Is your MySQL Application having Busy IO by Oracle Measures?

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Is your MySQL Application having Busy IO by Oracle Measures?

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Preparing Choosing Storage Systems for MySQL talk for Percona Live in Washington,DC I ran into great paper called Sane SAN 2010 by James Morle from Scale Abilities – and Oracle consulting company. It is worth to read for variety of reason yet for this post I wanted to mention what James calls “Busy” Oracle database application when it comes to IO consumption:

It is applications either using Over 10.000 IOs Per second (latency sensitive) or using Over 500MB/s bandwidth (bandwidth sensitive). I wonder how many of MySQL Users are running applications of these scale, for single MySQL Server ? Please comment if you do.

I believe we see more of applications busy from IOPs numbers, especially now when we easily can get Flash storage which allows to get well over 10K IOPS without going to external storage. 500MB/sec would be exceptional for traditional MySQL as MySQL optimizer with its nested loops joins does not favor sequential scans even for analytic queries executions. Also lack of parallel query execution makes limits how much IO full table scan queries can consume.

If we look at single Server these numbers are quite high however if we look at total numbers for “sharded” MySQL the numbers are not that high – many what would be considered medium scale MySQL installations would get there. With MySQL we seems to prefer to run more low end server and storage configurations.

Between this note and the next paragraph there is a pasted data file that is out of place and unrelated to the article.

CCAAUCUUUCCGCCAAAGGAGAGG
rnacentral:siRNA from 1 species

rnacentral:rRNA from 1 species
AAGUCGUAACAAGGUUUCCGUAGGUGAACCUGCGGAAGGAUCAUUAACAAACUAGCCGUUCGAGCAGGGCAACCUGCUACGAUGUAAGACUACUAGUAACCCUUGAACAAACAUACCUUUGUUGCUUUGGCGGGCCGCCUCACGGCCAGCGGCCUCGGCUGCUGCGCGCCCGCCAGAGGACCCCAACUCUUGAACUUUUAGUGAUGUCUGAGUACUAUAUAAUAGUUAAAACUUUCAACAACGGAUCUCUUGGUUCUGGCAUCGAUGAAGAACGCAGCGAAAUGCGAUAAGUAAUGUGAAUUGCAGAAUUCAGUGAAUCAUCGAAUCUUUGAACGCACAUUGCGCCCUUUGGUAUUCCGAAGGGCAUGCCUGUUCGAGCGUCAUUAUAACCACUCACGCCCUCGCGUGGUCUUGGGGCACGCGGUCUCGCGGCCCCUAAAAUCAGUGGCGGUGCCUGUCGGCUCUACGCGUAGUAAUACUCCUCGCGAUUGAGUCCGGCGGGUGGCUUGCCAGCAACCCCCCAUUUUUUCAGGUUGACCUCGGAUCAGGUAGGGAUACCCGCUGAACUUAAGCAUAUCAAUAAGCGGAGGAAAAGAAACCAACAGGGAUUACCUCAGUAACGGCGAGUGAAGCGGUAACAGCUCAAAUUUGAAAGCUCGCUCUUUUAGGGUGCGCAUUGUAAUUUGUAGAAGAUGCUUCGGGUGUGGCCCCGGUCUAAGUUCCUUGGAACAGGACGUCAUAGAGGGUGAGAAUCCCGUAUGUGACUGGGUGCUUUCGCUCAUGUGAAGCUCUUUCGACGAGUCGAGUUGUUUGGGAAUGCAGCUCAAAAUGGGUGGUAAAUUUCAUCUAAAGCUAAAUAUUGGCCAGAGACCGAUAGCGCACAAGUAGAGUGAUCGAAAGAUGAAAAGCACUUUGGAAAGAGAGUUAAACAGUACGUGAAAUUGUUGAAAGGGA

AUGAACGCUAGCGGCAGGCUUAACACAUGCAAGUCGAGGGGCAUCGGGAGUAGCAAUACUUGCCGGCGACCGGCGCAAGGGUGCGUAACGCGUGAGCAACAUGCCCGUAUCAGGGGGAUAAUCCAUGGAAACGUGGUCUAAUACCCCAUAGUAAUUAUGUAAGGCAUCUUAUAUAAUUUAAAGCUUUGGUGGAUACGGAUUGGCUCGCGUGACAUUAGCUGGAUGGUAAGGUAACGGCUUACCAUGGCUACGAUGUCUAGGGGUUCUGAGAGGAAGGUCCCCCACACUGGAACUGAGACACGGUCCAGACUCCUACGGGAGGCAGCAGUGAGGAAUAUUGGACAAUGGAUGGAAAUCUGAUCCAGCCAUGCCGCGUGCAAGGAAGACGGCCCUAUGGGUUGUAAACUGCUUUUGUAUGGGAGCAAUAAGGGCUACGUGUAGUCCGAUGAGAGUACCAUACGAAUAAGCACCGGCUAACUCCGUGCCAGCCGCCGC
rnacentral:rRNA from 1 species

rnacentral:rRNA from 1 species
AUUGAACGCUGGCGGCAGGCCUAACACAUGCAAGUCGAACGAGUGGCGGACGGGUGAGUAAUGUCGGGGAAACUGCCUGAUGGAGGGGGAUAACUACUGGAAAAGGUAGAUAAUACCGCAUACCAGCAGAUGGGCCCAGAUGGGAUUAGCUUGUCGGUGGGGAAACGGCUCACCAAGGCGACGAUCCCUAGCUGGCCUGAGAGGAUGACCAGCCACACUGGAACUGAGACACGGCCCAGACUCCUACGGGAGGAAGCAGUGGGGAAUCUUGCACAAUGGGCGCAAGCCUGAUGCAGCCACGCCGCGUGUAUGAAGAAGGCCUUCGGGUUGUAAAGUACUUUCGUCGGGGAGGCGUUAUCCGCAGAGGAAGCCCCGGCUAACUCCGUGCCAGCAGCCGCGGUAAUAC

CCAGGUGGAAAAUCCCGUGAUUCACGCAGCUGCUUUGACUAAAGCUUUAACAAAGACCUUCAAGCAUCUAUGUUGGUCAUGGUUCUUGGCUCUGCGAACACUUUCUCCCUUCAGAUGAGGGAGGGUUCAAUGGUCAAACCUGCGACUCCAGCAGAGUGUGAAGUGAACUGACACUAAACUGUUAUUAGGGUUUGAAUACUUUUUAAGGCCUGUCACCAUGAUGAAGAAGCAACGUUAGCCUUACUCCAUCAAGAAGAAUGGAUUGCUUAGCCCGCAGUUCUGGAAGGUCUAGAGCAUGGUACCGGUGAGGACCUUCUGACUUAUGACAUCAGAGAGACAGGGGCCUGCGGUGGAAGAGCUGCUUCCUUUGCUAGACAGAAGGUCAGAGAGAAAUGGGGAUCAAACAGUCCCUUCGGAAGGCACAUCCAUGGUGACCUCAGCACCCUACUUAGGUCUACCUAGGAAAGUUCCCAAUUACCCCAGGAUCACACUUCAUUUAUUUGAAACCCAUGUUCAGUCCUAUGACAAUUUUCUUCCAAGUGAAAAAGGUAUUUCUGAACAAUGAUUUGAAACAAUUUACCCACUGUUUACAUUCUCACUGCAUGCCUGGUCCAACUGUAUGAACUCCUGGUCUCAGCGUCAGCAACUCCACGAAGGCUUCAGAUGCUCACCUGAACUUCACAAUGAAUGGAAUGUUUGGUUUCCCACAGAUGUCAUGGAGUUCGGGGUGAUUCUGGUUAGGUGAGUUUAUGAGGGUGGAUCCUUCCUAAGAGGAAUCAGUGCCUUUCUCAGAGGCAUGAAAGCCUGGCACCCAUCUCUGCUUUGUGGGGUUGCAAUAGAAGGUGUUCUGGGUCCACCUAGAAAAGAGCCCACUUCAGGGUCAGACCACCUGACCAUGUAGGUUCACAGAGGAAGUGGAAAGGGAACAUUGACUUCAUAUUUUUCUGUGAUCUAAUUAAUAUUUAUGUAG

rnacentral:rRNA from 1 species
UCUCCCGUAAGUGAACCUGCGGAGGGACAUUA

I believe there are several reasons for that. First because MySQL can be used for free we do not need to optimize the hardware for license costs. With Oracle license costs based on number of CPUs we want to make sure these CPUs are busy and as such need to run storage powerful enough to achieve this. In MySQL world we very often run our CPUs very underutilized while storage is completely used.
Second reason I believe is ability of MySQL to use powerful system (including powerful storage) – Is quite limited with single thread replication as well as other restrictions. As Vadim points out in this and this whitepapers you can get a lot better performance with multiple MySQL instances on powerful storage. When you move to multiple instances and you have to “shard” your data in some way anyway there is no difference whenever you run these instances on single Server or many and as such you can use less powerful servers if only it is more cost effective.

Finally at MySQL we often start “sharding” or splitting data other way because operationally working with large table and data sizes in MySQL can be painful, lacking online operations to alter table, defragmentation etc. Yes there are replication based and trigger based techniques to archive this but it is not the same thing. How many of us are running 5TB per MySQL instance ? 20TB ?
Over 50TB ?

I believe this is to continue to be significant difference between MySQL and Oracle deployments, yet as MySQL is getting better and better handling large scale systems (both in terms of performance and operationally) and as MySQL is making its way into Enterprise Developments I expect us to see more and more Large Single Instance developments as it often allows applications to be a lot more simple.


Published at DZone with permission of Peter Zaitsev , DZone MVB. See the original article here.

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